is widely used as an oxidant, and equilibrium constants have been measured for at least 12 of its reactions. Its electrode potential is considered well established because of the good agreement between several independent derivations. Notable among these are a derivation based on the equilibrium constants for 1) its reaction with OH– to form BrOH·– and bromide and 2) the dissociation of BrOH·– to form Br– and HO·.
The trinitrogen(·) radical, is important generally because it is often used as a mild nonspecific oxidant. It holds special importance in this review because of its frequent use in establishing redox equilibria that can be used to establish electrode potentials that involve radicals. The standard electrode potential of the redox couple has been determined in several ways with good agreement. It has been measured electrochemically (under irreversible conditions), and it has been derived from equilibria with four other reference redox couples ([IrCl6]2–/[IrCl6]3–, [Ru(bpy)3]3+/[Ru(bpy)3]2+, and ). Note that use of as a reference potential at very high azide concentrations requires consideration of the association between and (Data Sheet 86).
There are also some organic radicals that are important in providing reference potentials for the inorganic radicals recommended here. These include species such as the phenoxyl radical, TEMPO, the tryptophan radical cation, and the promethazine (phenothiazine) radical. Evaluations of their electrode potentials are provided in the supplementary data sheets.
|Half-reaction||Electrode potential/V||Data Sheet #|
|Table 1.1: Electron, Hydrogen and Oxygen|
|e– ⇋ e·–(aq)||–2.88 ± 0.02||1.1|
|H+ + e– ⇋ H·(aq)||–2.31 ± 0.03||1.3|
|O(3P) + e– ⇋ O·–||+1.6 ± 0.1||2|
|O(3P) + H+ + e– ⇋ HO·||+2.3 ± 0.1||2|
|O2(g) + e− ⇋ O2·−||–0.35 ± 0.02||3|
|O2(aq) + e− ⇋ O2·−||–0.18 ± 0.02||3|
|1ΔgO2(g) + e− ⇋ O2·−||+0.64 ± 0.01||4|
|1ΔgO2(aq) + e− ⇋ O2·−||+0.81 ± 0.01||4|
|O2(g) + e− + H+ ⇋ HO2·||–0.07 ± 0.02||3|
|O2(aq) + H+ + e− ⇋ HO2·||+0.10 ± 0.02||3|
|HO2· + e− + H+ ⇋ H2O2||+1.46 ± 0.01||5|
|H2O2 + e– + H+ ⇋ HO· + H2O||+0.80 ± 0.01||6|
|HO· + e– + H+ ⇋ H2O||+2.730 ± 0.017||7|
|OH· + e– ⇋ OH–||+1.902 ± 0.017||7|
|O3(g) + e− ⇋ O3·–||+0.91 ± 0.02||23|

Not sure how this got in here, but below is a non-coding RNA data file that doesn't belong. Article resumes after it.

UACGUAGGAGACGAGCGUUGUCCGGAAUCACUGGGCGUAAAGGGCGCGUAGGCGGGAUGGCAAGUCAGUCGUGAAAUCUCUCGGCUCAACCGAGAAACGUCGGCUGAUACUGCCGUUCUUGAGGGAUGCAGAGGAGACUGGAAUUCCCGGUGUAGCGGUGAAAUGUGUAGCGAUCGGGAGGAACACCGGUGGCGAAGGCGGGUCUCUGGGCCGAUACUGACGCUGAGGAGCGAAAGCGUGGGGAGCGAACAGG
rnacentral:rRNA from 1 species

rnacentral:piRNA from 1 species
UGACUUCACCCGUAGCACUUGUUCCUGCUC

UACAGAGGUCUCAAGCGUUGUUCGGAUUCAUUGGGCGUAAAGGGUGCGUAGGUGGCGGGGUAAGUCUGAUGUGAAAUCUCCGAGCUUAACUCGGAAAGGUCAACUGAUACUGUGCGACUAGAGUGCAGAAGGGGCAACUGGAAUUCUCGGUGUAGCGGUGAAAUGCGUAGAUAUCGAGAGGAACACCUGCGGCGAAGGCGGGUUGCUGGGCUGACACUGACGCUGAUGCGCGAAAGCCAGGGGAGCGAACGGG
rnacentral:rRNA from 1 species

|O3(aq) + e− ⇋ O3·–||+1.03 ± 0.02||23|
|Table 1.2: Halogens|
|Table 1.2a: Chlorine|
|Cl· (aq) + e– ⇋ Cl–(aq)||+2.432 ± 0.018||7|
|Cl2·–(aq) + e– ⇋ 2Cl–(aq)||+2.126 ± 0.017||7|
|Cl2(aq) + e– ⇋ Cl2·–(aq)||+0.666 ± 0.017||7|
|ClOH·–(aq) + e– ⇋ Cl– + OH–(aq)||+1.912 ± 0.018||7|
|ClOH·–(aq) + e– + H+(aq) ⇋ Cl–(aq) + H2O(l)||+2.740 ± 0.018||7|
|HOCl(aq) + e– ⇋ ClOH·–(aq)||+0.25 ± 0.08||7|
|ClO2·(aq) + e– ⇋ ClO2–||+0.935 ± 0.003||24|
|ClO3·(aq) + e– ⇋ ClO3–(aq)||+2.38 ± 0.03||7|
|ClO·(aq) + e– ⇋ ClO–(aq)||+1.39 ± 0.03||25|
|Table 1.2b: Bromine|
|Br2·–(aq) + e– ⇋ 2Br–(aq)||+1.63 ± 0.02||26|
|Br2(aq) + e– ⇋ Br2·–(aq)||+0.55 ± 0.02||26|
|Br·(aq) + e– ⇋ Br–(aq)||+1.96 ± 0.02||26|
|BrO2·(aq) + e– ⇋ BrO2–(aq)||+1.290 ± 0.005||40|
|Table 1.2c: Iodine|
|I2·– + e– ⇋ 2I–||+1.05 ± 0.02||45|
|I· + e– ⇋ I–||+1.35 ± 0.02||45|
|I2(aq) + e– ⇋ I2·–||+0.19 ± 0.02||45|
|Table 1.3: Chalcogens|
|SO4·–(aq) + e– ⇋ SO42–(aq)||+2.437 ± 0.019||7|
|S2O82–(aq) + e– ⇋ SO4·–(aq) + SO42–(aq)||+1.44 ± 0.08||7|
|SO3·–(aq) + e– ⇋ SO32–(aq)||+0.73 ± 0.02||59|
|SO5·–(aq) + e– ⇋ SO52–||+0.81 ± 0.01||66|
|S2O3·–(aq) + e– ⇋ S2O32–||+1.35 ± 0.03||71|
|S4O6•3–(aq) + e– ⇋ 2S2O32–||+1.10 ± 0.01||71|
|HS·(aq) + H+ + e– ⇋ H2S(aq)||+1.54 ± 0.03||77|
|S·– + e– + H+ ⇋ HS–||+1.33 ± 0.03||77|
|S·– + e– + 2H+ ⇋ H2S(aq)||+1.74 ± 0.03||77|
|HS·(aq) + e– ⇋ HS–||+1.13 ± 0.03||77|
|HS2– + e– ⇋ HS2·2–||–1.13 ± 0.05||77|
|SeO3·– + e– ⇋ SeO32–||+1.68 ± 0.03||78|
|SeO3·– + H+ + e– ⇋ HSeO3–||+2.18 ± 0.03||78|
|TeO3·– + e– ⇋ TeO32–||+1.74 ± 0.03||79|
|TeO3·– + H+ + e– ⇋ HTeO3–||+2.31 ± 0.03||79|
|Table 1.4: Group 5|
|NO3·(aq) + e– ⇋ NO3–(aq)||+2.466 ± 0.019||7|
|N3·(aq) + e– ⇋ N3–(aq)||+1.33 ± 0.01||80|
|NO·(aq) + H+ + e– ⇋ HNO(aq)||–0.15 ± 0.02||22|
|HNO(aq) + H+ + e– ⇋ H2NO·(aq)||+0.52 ± 0.04||87|
|H2NO· + 2H+ + e– ⇋ NH3OH+||+1.253 ± 0.010||87|
|H2NO· + H+ + e– ⇋ NH2OH||+0.900 ± 0.010||87|
|NO2·(aq) + e– ⇋ NO2–||+1.04 ± 0.02||88|
|PO3·2– + H+ + e– ⇋ HPO32–||+1.54 ± 0.04||96|
|H2PO4· + e– ⇋ H2PO4–||+2.75 ± 0.01||97|
|Table 1.5: Group 4|
|CO2(aq) + e– ⇋ CO2·–||–1.90 ± 0.02||98|
|CO3·–(aq) + e– ⇋ CO32–||+1.57 ± 0.03||99|
|CO2·– + H+ + e– ⇋ HCO2–||+1.52 ± 0.03||100|
|SCN· + e– ⇋ SCN–||+1.61 ± 0.02||101|
|(SCN)2·– + e– ⇋ 2SCN–||+1.30 ± 0.02||101|
|Table 1.6: Group 3|
|Tl2+ + e– ⇋ Tl+||+2.225 ± 0.007||21|